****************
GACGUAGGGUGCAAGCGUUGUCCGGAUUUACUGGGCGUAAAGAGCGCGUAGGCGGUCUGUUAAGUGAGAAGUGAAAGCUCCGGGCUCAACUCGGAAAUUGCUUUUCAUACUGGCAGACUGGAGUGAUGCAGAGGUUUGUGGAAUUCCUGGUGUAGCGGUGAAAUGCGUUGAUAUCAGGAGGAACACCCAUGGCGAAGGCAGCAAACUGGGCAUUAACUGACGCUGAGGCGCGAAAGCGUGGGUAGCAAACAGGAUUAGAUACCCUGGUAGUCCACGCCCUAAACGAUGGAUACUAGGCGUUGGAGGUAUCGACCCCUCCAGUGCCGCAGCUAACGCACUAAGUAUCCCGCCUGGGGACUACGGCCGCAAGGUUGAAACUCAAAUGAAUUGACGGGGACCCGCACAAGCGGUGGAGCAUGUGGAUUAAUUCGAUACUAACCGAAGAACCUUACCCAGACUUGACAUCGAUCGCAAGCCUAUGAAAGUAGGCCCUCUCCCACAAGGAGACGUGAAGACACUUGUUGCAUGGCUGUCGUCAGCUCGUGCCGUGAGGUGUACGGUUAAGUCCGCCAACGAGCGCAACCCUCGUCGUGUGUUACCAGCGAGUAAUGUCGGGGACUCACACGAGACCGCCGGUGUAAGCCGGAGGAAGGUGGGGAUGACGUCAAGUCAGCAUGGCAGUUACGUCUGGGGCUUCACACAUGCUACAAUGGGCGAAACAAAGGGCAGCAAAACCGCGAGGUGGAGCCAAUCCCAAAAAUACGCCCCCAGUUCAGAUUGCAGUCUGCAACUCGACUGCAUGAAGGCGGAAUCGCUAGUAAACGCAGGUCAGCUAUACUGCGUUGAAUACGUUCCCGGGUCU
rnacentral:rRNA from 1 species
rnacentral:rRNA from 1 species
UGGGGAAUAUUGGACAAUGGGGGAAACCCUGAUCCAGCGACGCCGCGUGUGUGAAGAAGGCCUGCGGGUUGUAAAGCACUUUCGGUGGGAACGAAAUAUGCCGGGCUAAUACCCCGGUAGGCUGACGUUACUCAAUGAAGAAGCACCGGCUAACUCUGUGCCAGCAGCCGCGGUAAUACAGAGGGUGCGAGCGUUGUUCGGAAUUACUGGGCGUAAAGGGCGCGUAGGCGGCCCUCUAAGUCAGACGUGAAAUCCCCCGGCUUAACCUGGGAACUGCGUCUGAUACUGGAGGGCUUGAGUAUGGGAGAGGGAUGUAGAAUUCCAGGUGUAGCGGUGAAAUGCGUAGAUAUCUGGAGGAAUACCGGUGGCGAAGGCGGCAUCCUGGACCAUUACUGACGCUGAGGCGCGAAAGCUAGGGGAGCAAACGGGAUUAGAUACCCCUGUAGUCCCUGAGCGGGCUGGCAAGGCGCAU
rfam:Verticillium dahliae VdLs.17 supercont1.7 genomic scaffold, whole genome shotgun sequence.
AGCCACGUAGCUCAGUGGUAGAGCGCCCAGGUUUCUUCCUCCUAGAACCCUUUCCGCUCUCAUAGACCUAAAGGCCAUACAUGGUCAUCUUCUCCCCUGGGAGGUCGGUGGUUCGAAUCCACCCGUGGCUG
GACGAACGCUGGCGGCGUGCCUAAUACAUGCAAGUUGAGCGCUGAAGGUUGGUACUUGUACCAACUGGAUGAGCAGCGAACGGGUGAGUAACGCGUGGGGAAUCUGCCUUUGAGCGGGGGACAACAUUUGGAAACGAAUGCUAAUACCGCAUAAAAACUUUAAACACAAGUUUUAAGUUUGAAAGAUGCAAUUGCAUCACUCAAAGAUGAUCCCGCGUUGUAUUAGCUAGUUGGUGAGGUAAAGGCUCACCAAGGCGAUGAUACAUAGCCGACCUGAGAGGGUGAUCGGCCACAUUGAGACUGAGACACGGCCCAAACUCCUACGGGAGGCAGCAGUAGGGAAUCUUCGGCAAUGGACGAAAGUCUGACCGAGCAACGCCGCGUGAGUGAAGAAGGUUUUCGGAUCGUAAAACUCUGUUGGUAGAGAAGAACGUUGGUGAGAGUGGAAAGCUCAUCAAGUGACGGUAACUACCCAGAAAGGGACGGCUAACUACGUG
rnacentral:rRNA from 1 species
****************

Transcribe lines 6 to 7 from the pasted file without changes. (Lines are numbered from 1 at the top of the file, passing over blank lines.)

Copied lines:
AGCCACGUAGCUCAGUGGUAGAGCGCCCAGGUUUCUUCCUCCUAGAACCCUUUCCGCUCUCAUAGACCUAAAGGCCAUACAUGGUCAUCUUCUCCCCUGGGAGGUCGGUGGUUCGAAUCCACCCGUGGCUG
GACGAACGCUGGCGGCGUGCCUAAUACAUGCAAGUUGAGCGCUGAAGGUUGGUACUUGUACCAACUGGAUGAGCAGCGAACGGGUGAGUAACGCGUGGGGAAUCUGCCUUUGAGCGGGGGACAACAUUUGGAAACGAAUGCUAAUACCGCAUAAAAACUUUAAACACAAGUUUUAAGUUUGAAAGAUGCAAUUGCAUCACUCAAAGAUGAUCCCGCGUUGUAUUAGCUAGUUGGUGAGGUAAAGGCUCACCAAGGCGAUGAUACAUAGCCGACCUGAGAGGGUGAUCGGCCACAUUGAGACUGAGACACGGCCCAAACUCCUACGGGAGGCAGCAGUAGGGAAUCUUCGGCAAUGGACGAAAGUCUGACCGAGCAACGCCGCGUGAGUGAAGAAGGUUUUCGGAUCGUAAAACUCUGUUGGUAGAGAAGAACGUUGGUGAGAGUGGAAAGCUCAUCAAGUGACGGUAACUACCCAGAAAGGGACGGCUAACUACGUG